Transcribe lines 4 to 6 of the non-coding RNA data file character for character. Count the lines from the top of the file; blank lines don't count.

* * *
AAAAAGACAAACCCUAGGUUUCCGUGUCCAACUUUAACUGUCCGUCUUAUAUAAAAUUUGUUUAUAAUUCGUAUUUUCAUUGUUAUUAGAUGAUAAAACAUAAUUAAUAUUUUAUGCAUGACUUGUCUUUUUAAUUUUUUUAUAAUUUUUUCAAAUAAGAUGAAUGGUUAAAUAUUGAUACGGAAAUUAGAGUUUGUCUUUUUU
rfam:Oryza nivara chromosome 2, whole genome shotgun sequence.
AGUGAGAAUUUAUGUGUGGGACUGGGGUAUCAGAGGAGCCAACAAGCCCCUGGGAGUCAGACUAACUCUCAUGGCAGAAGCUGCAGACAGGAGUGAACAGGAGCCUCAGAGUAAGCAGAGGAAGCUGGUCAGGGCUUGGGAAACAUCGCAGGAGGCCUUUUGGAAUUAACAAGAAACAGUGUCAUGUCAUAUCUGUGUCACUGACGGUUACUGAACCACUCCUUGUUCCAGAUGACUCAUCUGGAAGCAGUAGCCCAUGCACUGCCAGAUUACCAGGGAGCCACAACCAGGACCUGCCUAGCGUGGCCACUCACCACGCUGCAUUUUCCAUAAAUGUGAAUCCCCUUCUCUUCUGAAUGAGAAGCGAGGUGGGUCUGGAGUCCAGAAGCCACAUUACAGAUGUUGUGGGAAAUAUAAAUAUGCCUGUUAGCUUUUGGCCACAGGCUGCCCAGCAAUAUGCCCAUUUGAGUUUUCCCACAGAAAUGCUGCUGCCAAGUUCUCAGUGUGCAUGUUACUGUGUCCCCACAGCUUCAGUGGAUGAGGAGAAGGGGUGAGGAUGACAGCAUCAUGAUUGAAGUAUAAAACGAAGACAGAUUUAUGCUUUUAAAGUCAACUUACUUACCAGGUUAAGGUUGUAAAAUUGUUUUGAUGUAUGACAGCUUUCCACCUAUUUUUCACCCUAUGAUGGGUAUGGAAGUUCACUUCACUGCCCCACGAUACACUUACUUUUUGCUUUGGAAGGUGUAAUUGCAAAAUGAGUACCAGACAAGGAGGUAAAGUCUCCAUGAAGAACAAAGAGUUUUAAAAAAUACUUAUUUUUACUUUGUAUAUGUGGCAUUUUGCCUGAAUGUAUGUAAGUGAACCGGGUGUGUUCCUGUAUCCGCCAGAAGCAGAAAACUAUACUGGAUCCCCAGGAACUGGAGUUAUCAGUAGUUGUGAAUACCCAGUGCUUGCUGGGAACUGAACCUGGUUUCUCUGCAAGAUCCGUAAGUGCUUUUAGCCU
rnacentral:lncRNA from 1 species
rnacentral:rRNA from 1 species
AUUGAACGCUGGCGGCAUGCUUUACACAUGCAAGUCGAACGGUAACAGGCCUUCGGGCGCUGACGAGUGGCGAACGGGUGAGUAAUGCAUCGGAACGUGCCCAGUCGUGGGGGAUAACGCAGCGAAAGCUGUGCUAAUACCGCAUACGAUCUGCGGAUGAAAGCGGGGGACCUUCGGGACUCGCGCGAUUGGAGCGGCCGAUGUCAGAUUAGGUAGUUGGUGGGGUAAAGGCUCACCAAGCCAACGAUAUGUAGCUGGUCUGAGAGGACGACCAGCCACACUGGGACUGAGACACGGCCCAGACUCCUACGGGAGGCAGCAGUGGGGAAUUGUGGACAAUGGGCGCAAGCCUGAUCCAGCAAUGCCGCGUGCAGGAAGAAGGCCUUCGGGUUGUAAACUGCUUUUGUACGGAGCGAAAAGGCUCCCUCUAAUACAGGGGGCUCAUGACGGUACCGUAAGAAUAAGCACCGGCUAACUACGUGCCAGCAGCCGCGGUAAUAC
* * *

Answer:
rnacentral:lncRNA from 1 species
rnacentral:rRNA from 1 species
AUUGAACGCUGGCGGCAUGCUUUACACAUGCAAGUCGAACGGUAACAGGCCUUCGGGCGCUGACGAGUGGCGAACGGGUGAGUAAUGCAUCGGAACGUGCCCAGUCGUGGGGGAUAACGCAGCGAAAGCUGUGCUAAUACCGCAUACGAUCUGCGGAUGAAAGCGGGGGACCUUCGGGACUCGCGCGAUUGGAGCGGCCGAUGUCAGAUUAGGUAGUUGGUGGGGUAAAGGCUCACCAAGCCAACGAUAUGUAGCUGGUCUGAGAGGACGACCAGCCACACUGGGACUGAGACACGGCCCAGACUCCUACGGGAGGCAGCAGUGGGGAAUUGUGGACAAUGGGCGCAAGCCUGAUCCAGCAAUGCCGCGUGCAGGAAGAAGGCCUUCGGGUUGUAAACUGCUUUUGUACGGAGCGAAAAGGCUCCCUCUAAUACAGGGGGCUCAUGACGGUACCGUAAGAAUAAGCACCGGCUAACUACGUGCCAGCAGCCGCGGUAAUAC